How to Prevent Pretexting Attacks

prevent pretexting attacks

What is Pretexting?

Pretexting is some other form of social engineering where hackers attempt to create a good pretext, or a fictional scenario, which they can use to attempt to rob their targets of their private data. Pretexting usually takes the form of a scammer assuming a fake identity to acquire specific info from their victims. They usually act like they need their victims to confirm their identity by giving them the data the attackers want.

How does it happen?

Pretexters usually impersonate co-workers, authorities, banks, clergy, insurance investigators, or some other official institutions or businesses. Essentially anyone who might have some kind of authority or a right-to-know over the target. The attacker only needs to prepare answers to questions that might be asked by their victim. Usually, all they need is the right tone and some improvisational skills to fool most people.

Pretexting attacks are often used to attain both sensitive and non-sensitive data. Last year, for example, a group of scammers pretended to be representatives from modeling agencies and escort services. They fabricated fake backgrounds and interview questions to convince women and teenage girls send them nude pictures of themselves. Afterward, they sold those pictures to pornographic businesses for money.

The key ingredient of social engineering is trust. The scammers must inspire trust in their victims, otherwise, they will most likely fail. A good pretext is a critical part of building trust. If the attacker's alias, story, or identity has gaping holes or lacks credibility or even just the perception of credibility, the victim will most likely figure it out.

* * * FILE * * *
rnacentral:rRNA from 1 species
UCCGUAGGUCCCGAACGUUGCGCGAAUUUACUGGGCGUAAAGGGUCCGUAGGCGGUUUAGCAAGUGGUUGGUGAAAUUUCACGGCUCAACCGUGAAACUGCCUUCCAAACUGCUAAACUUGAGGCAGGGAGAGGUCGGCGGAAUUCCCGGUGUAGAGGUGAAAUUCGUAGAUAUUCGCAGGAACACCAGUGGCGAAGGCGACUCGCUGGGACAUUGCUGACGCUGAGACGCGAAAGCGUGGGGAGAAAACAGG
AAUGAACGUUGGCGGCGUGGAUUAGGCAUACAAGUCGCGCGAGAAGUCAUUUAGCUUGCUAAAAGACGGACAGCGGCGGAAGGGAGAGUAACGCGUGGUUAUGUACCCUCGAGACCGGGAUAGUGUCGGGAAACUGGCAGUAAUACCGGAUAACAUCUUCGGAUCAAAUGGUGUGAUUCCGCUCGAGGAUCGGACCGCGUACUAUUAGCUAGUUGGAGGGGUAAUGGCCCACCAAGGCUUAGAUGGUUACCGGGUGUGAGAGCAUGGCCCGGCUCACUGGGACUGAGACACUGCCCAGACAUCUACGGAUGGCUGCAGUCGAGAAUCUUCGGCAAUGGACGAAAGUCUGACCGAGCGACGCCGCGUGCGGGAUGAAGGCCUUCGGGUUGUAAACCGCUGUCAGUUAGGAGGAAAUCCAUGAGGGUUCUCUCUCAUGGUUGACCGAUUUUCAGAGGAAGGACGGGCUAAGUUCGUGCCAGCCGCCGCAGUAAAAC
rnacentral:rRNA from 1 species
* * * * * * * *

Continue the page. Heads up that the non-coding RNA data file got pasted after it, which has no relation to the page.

How to defend yourself against pretexting.

Like any other good defense, you must be proactive instead of reactive. If, for example, you get an e-mail from someone saying that a maintenance worker will show up at your place, contact the sender's company, not the sender themselves. Give them a call and make sure that they really are sending someone. If you are home when they show up, demand to speak to their superior, instead of just taking their word for it. Ask them for the company's corporate number and their supervisor's name, so that you can call them to confirm the identity of the person at your home.

The same goes for online websites, especially anything that wants your credit card or pay-pal. Always go for the source, because that's where pretexting falls apart the hardest.

August 29, 2019